High immigration is hollowing out the American middle class, in keeping with Obama’s promise to "fundamentally transform America."
How often have you heard politicians make the following statement?
"Employers are telling me that they want to bring in engineers and other high-skilled workers from other countries to expand their businesses but are stymied by restrictions in the current visa system."
These politicians assume there is a labor shortage among American citizens. They need to recheck their premise.
Recent reports dispute two myths: Myth 1: There is a shortage of native born high tech (STEM) workers. Thus, we need more H-1B visas. Myth 2: Amnesty and more legal immigration are needed, because the country has a labor shortage, and more immigration increases job opportunities for native-born Americans.
You have heard and read about the need for foreign laborers, both skilled and unskilled. But take a hard look at the opportunities for your own family. Are your children finding a full time job upon graduation from high school? Are they finding a good, full time job upon graduation from college? Can they find a job in their field of study? Are they able to pay off thousands of dollars of student loans? If they are struggling, they aren’t alone. See Millennials Unemployment Report: 15.2% of workers 18-29 Out of Work – More Jobs Needed
"If STEM workers are in short supply, wages should be increasing rapidly. Predictably, though, due to the surplus of STEM workers, ‘wage data from multiple sources show little growth over the last 12 years,’ as ‘real hourly wages adjusted for inflation grew on average just .7 percent a year from 2000 to 2012 for STEM workers."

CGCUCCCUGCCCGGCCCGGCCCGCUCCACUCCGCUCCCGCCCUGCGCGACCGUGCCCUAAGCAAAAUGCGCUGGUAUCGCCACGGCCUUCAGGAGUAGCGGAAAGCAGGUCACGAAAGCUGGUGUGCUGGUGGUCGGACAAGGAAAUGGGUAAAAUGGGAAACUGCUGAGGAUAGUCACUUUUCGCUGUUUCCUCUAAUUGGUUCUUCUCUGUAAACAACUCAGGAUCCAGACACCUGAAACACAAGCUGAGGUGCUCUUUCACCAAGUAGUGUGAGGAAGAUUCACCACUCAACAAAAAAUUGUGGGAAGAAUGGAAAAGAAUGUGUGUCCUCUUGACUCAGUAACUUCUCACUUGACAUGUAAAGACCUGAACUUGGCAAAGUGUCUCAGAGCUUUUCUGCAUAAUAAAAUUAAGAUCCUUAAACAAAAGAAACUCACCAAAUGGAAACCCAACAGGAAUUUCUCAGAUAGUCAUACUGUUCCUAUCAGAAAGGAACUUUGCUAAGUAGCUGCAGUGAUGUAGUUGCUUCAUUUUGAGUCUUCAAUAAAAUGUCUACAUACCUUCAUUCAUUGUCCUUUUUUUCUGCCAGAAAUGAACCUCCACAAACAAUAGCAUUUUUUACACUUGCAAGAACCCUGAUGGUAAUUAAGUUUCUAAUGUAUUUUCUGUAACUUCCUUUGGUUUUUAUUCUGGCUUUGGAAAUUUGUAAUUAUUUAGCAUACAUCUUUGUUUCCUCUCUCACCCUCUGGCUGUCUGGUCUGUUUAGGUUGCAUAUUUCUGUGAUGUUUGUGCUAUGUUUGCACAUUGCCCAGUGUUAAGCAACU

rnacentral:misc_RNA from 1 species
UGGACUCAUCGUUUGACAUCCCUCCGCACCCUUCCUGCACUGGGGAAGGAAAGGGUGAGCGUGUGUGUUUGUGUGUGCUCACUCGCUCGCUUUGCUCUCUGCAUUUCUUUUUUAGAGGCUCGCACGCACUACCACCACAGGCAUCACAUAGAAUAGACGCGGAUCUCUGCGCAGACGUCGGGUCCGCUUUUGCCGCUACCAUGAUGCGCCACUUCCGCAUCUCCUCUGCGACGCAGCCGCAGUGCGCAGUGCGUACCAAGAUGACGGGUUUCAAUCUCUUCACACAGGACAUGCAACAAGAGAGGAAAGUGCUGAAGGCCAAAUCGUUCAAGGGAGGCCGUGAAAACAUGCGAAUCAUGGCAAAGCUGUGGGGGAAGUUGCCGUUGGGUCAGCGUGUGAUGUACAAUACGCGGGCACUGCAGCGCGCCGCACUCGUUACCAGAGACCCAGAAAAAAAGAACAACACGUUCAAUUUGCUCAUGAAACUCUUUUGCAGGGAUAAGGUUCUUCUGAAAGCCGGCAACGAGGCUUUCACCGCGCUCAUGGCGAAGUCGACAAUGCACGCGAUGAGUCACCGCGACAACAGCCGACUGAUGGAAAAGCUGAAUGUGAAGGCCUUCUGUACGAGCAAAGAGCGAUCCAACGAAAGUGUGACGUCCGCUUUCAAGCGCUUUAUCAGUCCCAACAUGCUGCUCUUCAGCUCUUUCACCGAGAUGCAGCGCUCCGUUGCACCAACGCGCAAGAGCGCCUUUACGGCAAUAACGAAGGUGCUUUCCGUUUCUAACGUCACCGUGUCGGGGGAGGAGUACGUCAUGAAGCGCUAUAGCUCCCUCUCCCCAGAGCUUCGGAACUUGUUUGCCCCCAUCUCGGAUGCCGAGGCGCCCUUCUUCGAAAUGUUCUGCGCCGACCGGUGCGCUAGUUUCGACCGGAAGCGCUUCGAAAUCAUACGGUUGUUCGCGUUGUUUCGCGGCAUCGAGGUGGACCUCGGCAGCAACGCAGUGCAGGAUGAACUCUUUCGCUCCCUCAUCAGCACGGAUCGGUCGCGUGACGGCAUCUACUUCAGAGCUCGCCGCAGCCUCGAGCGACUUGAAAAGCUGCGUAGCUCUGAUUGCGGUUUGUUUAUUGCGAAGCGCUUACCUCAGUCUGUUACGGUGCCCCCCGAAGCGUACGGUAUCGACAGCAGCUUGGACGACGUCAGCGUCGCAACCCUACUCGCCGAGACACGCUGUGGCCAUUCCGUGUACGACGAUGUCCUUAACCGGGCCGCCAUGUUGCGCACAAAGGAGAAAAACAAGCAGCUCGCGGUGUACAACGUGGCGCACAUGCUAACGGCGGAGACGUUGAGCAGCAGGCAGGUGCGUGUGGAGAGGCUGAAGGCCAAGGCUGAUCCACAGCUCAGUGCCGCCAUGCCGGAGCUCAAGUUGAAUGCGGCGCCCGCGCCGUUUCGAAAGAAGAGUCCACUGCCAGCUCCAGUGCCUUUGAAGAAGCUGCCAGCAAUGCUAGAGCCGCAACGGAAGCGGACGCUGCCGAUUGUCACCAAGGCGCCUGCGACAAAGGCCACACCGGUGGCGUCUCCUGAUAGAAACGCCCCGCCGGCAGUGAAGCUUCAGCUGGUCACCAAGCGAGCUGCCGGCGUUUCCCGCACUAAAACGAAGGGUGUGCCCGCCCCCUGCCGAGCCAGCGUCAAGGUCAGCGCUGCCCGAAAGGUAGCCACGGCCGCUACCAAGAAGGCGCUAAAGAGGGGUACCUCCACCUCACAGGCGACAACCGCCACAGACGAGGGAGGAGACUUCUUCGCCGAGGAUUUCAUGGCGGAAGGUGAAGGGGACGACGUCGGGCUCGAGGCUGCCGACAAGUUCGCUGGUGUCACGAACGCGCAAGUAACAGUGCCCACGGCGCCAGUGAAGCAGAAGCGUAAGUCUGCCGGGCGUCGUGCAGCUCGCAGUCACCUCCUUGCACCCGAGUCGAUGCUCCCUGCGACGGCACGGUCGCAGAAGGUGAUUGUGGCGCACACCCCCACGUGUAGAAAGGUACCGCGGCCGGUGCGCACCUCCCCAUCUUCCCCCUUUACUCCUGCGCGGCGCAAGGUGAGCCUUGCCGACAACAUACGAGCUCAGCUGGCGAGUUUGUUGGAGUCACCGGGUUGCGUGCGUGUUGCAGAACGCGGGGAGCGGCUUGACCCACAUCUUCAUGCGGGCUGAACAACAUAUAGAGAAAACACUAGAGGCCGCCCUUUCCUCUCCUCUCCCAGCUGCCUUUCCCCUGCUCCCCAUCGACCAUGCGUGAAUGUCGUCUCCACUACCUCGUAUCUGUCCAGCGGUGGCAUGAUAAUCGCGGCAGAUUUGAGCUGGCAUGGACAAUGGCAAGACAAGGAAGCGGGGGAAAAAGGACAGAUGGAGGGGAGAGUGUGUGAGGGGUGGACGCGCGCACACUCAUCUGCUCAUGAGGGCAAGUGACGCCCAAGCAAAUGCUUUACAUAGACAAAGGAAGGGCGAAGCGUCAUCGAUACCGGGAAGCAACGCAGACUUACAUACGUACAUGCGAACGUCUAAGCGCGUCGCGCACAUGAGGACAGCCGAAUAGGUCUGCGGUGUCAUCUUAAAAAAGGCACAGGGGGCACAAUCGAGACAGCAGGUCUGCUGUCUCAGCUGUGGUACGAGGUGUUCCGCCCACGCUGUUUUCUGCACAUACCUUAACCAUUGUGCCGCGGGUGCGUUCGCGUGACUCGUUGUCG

In spite of the facts, the myth perpetuates, and it hurts our native born Americans.
"Egged on by the millions the Chamber of Commerce and high-tech lobbies like Facebook co-founder Mark Zuckerberg’s FWD.us have spent, Congress has ensured that STEM wages have been suppressed, according to Camarota and Ziegler. But the high-tech industry still perpetuates the myth of a high-tech worker shortage and wants even more H-1B visas."
Another stinging reality is that, since 2000, both legal and illegal immigrants have made employment gains, while native born Americans have been steadily losing jobs.
"Immigrants — both legal and illegal — have accounted for all of the job gains in the U.S. labor market since 2000, according to a report that highlights the stiff competition for jobs in a tight economy as Congress debates adding more workers to the mix.
"The Center for Immigration Studies report, which is being released Wednesday, says 22.4 million immigrants of working age held jobs at the beginning of this year, up 5.3 million over the total in 2000. But native-born workers with jobs dropped 1.3 million over that same period, from 114.8 million to 113.5 million."
Other significant findings include:
"Because the native-born population grew significantly, but the number working actually fell, there were 17 million more working-age natives not working in the first quarter of 2014 than in 2000.
"The share of natives working or looking for work, referred to as labor force participation, shows the same decline as the employment rate. In fact, labor force participation has continued to decline for working-age natives even after the jobs recovery began in 2010.
"Immigrants have made gains across the labor market, including lower-skilled jobs such as maintenance, construction, and food service; middle-skilled jobs like office support and health care support; and higher-skilled jobs, including management, computers, and health care practitioners.
"The supply of potential workers is enormous: 8.7 million native college graduates are not working, as are 17 million with some college, and 25.3 million with no more than a high school education."
According to the study, 58 million working-age natives are not employed. See Study: All Employment Growth Since 2000 to Immigrants.
The solution? We don’t need to import foreign workers. We do need to enforce our laws and secure our borders.